America’s former Cold War foe, Russia, has been pursuing its own regional ambitions. Moscow now has a presence in the Middle East for the first time in four decades, pursuing various tactics that test the U.S. presence in the region. Russia’s activities have wreaked havoc for the U.S. around the periphery of NATO and threatened NATO countries in the Baltics in the hopes of weakening U.S. influence.
Russia and China aren’t the only headaches. Other regional challengers are also close to having the capability to strike the United States.
North Korea is developing the ability to strike the U.S. by investing in ballistic missile technology. When perfected, that technology would complement the North’s nuclear weapons capabilities.
The most serious threat facing the U.S., however, centers on the budget. The national debt hovers around $21.5 trillion and growing. This presents a serious challenge to modernizing and strengthening the military.
Pentagon’s Numerous Defense Weapons Failures
Often, the Pentagon has wasted billions of dollars on weapons systems that never lived up to their costly price tags. In an Armed Forces Journal article, “Purge the Generals,” Lieutenant Colonel Daniel Davis cited a short list of Pentagon failures:
- The RAH-66 Comanche armed reconnaissance helicopter (launched in 1991 and canceled after $6.9 billion spent)
- The XM2001 Crusader mobile cannon (launched in 1995 and canceled after $7 billion spent)
- The Future Combat Systems (launched in 2003 and canceled after $20 billion spent)
This waste is not only systemic to the Army. All branches of the armed forces have wasted billions of dollars that could have been used for readiness and modernizing the military.
There is much debate about cutting the defense budget, but there is very little discussion about reforming Pentagon spending. The Department of Defense procurement and acquisition system is broken; it is a colossal failure that wastes additional billions of dollars. Examples include the cost overruns for the Joint Strike Fighter (F-35) which costs just under $100 million per plane.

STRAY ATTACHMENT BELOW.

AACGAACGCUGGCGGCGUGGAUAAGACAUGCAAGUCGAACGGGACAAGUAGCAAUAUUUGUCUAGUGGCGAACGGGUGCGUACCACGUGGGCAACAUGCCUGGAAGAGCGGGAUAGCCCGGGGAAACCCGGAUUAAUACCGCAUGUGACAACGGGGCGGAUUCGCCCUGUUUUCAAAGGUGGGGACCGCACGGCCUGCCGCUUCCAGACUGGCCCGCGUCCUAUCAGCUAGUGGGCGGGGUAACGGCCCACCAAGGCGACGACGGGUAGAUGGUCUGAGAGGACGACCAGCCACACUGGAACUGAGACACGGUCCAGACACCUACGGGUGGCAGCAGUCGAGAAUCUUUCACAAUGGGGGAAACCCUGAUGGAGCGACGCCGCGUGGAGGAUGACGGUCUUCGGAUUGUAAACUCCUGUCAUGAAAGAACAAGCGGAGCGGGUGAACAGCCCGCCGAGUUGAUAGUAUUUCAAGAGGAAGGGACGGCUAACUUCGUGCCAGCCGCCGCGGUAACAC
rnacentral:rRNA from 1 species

Congress Also Culpable for Pentagon Waste
The Pentagon isn’t the only institution at fault for a disjointed defense budget. Lawmakers are equally culpable.
In 1961, President Dwight D. Eisenhower gave his famous farewell address in which he warned of the growing influence of the “military-industrial complex.” A draft version of his remarks called it the “congressional military industrial complex.” But that phrase was later deleted as being too inflammatory.
The Democrats and the GOP are protecting their own districts and states with costly weapons systems that the Pentagon neither asked for nor wanted. This was on full display when then-Army Chief of Staff Gen. Ray Odierno informed Congress in 2013 that the Army didn’t need any additional M-1 Abrams tanks.
His words were ignored and lawmakers appropriated $436 million for the additional tanks. This is just one example of how both parties use the Pentagon as a job program for their states and constituents without ever considering the real impact on U.S. national security.
When the Pentagon begins its FY2020 national security planning, it must align its strategy with the real-world threats the U.S. faces and fully embrace a reform of the Pentagon’s acquisition and procurement systems.
After World War II, the U.S. dramatically reduced its military spending and left U.S. military forces unprepared for the Korean War. Many U.S. military servicemembers paid the ultimate sacrifice for such short-sighted decisions, so we must not repeat this mistake.